Move over, farm-to-table restaurants — at some hotels around the world you can now get the whole enchilada under one roof. From coastal Cabo, Mexico, to the rustic countryside of Florence, Italy, and some surprising urban inlets like Milwaukee, here are the eight best around the world. For locavores who crave just-plucked-off-the-vine heirloom tomatoes or leafy greens growing in the backyard of their accommodations, it’s a foodie dream.
A farm fresh picnic at II Salviatino (Photo: II Salviatino)
Il Salviatino, Florence, Italy
With a firm vow to source food from only within a few kilometers — according to a philosophy dubbed “Zero Kilometer” — Il Salviatino, a 45-room hotel tucked into a restored 15th-century villa, brings the countryside to guests. Whatever can’t be grown in the property’s 12.5-acre organic garden (flush with fruits, vegetables, and herbs) is sourced from artisans and farmers’ markets immediately outside of the hotel.
Cost: From $549
A sampling of the fresh food from Harraseeket Inn. (Photo: Harraseeket Inn)
Harraseeket Inn, Freeport, Maine
Just up the street from L.L. Bean’s headquarters, the quaint 93-room Harraseeket Inn plays off the land, too, but in a different way. Owner Chip Gray boasts relationships with 40 farms and fishermen, from the inn’s own lobsterman (who provides the stars of a Sunday lobster brunch) to purveyors of goat cheese and lamb, and even the spring water poured with your meal.
Cost: From $245
Farm fresh and farm views. (Photo: Culinary Cottages)
Culinary Cottages at Flora Farm, San Jose del Cabo, Mexico
Snug in the ultraposh Flora Farm are its culinary cottages, very chic straw-bale homes outfitted with wood and iron crafted on the property. Flora’s Field Kitchen, an al fresco eatery, serves only what the staff makes, raises, or grows. This translates to artisan olive-walnut bread and cinnamon rolls baked daily; cheese; and meat from Dutch Heirloom pigs, rabbits, goats, and poulet rouge chickens (all raised on-site).
Cost: From $995
No prepackaged food here. (Photo: Harbour House Hotel)
Harbour House Hotel, Restaurant and Organic Farm, Salt Spring Island, British Columbia, Canada
A 2.5-acre organic farm — part of what was once a 100-acre family-owned farm — on Harbour House’s property provides its restaurant with 70 varieties of vegetables, herbs, and fruits. Close to 80 percent of what’s served comes from the property. Lamb and sheep are raised on-site, and the hotel also harvests its own maple syrup and eggs. Guests are encouraged to take a self-guided farm tour.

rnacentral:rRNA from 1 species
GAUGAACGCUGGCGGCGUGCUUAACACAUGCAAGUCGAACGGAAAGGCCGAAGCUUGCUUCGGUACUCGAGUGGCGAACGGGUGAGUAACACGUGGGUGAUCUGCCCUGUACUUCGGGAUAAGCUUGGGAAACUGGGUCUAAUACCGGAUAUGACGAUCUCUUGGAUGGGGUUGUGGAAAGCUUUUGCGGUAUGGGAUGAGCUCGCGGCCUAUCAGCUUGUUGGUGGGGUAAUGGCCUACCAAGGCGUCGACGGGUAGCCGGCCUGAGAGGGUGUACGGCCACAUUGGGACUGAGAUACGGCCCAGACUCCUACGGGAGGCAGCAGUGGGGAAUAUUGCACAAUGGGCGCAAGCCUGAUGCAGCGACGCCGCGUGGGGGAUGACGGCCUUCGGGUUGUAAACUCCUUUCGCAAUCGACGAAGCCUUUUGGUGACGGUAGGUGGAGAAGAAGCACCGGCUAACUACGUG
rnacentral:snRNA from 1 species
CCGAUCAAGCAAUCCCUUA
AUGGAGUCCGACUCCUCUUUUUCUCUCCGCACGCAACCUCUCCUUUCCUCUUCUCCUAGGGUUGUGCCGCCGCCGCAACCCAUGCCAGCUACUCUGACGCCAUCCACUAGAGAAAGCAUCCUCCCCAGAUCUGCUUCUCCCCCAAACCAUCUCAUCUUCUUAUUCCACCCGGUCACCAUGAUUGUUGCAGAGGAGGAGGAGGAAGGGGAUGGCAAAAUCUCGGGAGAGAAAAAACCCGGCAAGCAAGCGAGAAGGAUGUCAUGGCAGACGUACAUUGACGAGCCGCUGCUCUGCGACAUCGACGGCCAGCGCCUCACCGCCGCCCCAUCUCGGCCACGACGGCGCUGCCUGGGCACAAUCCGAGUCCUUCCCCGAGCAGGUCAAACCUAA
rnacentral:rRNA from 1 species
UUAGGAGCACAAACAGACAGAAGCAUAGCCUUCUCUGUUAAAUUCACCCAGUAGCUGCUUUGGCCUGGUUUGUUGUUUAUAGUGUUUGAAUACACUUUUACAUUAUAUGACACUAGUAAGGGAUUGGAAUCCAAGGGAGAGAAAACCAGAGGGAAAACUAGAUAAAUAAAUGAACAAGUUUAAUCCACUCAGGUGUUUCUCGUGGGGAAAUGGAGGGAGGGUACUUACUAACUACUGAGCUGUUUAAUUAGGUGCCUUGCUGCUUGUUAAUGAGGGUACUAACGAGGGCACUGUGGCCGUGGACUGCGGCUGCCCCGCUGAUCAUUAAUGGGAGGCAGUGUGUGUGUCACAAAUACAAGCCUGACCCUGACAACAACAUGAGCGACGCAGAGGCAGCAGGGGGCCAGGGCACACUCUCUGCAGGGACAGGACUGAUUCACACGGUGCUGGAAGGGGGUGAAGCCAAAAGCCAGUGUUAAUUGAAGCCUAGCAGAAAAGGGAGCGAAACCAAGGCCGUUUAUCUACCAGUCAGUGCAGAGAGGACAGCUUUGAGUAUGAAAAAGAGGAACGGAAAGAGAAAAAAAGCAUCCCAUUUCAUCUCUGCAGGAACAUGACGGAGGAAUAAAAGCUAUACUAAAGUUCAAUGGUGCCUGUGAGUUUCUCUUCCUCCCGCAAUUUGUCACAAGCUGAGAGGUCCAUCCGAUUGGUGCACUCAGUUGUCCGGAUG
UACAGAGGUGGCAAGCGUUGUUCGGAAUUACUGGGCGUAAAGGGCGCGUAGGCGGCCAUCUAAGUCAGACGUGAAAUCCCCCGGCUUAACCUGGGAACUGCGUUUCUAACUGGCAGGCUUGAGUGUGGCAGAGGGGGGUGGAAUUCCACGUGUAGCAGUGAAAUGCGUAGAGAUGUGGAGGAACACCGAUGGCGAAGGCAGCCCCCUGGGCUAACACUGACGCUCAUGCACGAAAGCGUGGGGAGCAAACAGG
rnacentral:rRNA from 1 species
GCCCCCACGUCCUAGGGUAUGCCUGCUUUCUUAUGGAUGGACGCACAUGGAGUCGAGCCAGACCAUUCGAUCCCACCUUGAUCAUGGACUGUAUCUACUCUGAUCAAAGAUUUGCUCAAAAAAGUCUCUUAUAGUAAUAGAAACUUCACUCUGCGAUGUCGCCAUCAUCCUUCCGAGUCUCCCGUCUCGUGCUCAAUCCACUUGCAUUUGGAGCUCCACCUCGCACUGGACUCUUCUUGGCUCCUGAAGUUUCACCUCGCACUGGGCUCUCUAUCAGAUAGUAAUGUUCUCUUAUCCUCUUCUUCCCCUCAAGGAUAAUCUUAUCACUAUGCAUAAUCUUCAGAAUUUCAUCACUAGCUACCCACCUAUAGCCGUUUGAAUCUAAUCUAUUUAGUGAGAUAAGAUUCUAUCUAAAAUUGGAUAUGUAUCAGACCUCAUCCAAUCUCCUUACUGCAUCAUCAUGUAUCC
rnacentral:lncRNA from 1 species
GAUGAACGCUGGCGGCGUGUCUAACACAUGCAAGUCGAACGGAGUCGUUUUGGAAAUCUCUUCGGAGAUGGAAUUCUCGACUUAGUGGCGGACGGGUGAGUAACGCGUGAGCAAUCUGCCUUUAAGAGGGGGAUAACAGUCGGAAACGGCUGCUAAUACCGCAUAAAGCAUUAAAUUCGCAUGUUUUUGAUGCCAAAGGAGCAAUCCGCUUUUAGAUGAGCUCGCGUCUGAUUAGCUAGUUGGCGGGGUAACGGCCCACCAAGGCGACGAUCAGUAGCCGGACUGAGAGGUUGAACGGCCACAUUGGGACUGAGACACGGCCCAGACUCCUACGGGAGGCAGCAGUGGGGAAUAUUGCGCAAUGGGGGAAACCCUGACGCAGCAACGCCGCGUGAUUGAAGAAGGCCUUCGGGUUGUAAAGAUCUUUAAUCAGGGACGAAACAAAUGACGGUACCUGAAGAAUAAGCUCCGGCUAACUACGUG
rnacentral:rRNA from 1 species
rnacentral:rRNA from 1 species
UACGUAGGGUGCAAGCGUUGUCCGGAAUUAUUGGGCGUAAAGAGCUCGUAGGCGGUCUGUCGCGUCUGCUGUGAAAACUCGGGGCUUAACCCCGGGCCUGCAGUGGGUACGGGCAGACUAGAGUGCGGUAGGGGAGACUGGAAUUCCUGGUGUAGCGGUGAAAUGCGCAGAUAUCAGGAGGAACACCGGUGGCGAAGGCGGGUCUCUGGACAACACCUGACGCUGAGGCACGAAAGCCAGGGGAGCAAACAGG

Cost: From $120
Chefs at Dos Brisas pick fresh vegetables on the farm. (Photo: Inn at Dos Brisas)
Inn at Dos Brisas, Washington, Texas
Stocked with the bounty from its certified-organic farm, Inn at Dos Brisas — in Texas Hill Country — hosts a culinary program with farm tours, cooking and baking classes, and gardening tutorials. With more than 400 ingredients grown on-site (80 percent are heirloom varieties), guests can sample the lot through the restaurant’s dishes and in-room dining.
Cost: From $452
Ingredients go straight from the farm to your plate. (Photo: Farmhouse Inn)
Farmhouse Inn, Forestville, California
From the wildly popular Rabbit, Rabbit, Rabbit dish at the Michelin-starred Farmhouse Inn Restaurant to morning granola, most everything at the Farmhouse Inn flaunts local flavor. Much is grown in the inn’s gardens, with the rest from within Sonoma County. Dive into four Farmhouse Expeditions: making jam from fruit you’ve picked in an orchard, butchering a pig, collecting eggs from a chicken coop, or foraging at a local farm.
Cost: From $595
The adventure kitchen where guests can learn how to prepare food. (Photo: Carmel Valley Ranch)
Carmel Valley Ranch, Carmel, Calif.
A brand-new hen house (home to Rhode Island Red and Barred Plymouth Rock chickens) joins Carmel Valley Ranch’s other foodie features including Italian honeybees, Monterey Bay sea salt, a two-acre organic garden and a Pinot Noir vineyard. Dine on the goods at the Lodge restaurant, the River Ranch Café, or the Clubhouse and learn more at events like a “chicken chat,” bee tutorial, interactive gardening class or “ask the farmer.”
Cost: From $300
A chef from Iron Horse hotel picking tonight’s dinner. (Photo: Iron Horse Hotel)
Iron Horse Hotel, Milwaukee, Wisconsin
The six-year-old Iron Horse Hotel eatery has a farm-fresh mantra with many ingredients harvested from its half-acre farm north of Milwaukee. For fall, this includes squash blossoms and heirloom tomatoes folded in with foods from other farms, like pickled peaches and cherries in the bone-marrow dish. Honey from the hotel’s hive is served with local cheese and meat boards.
Cost: From $239
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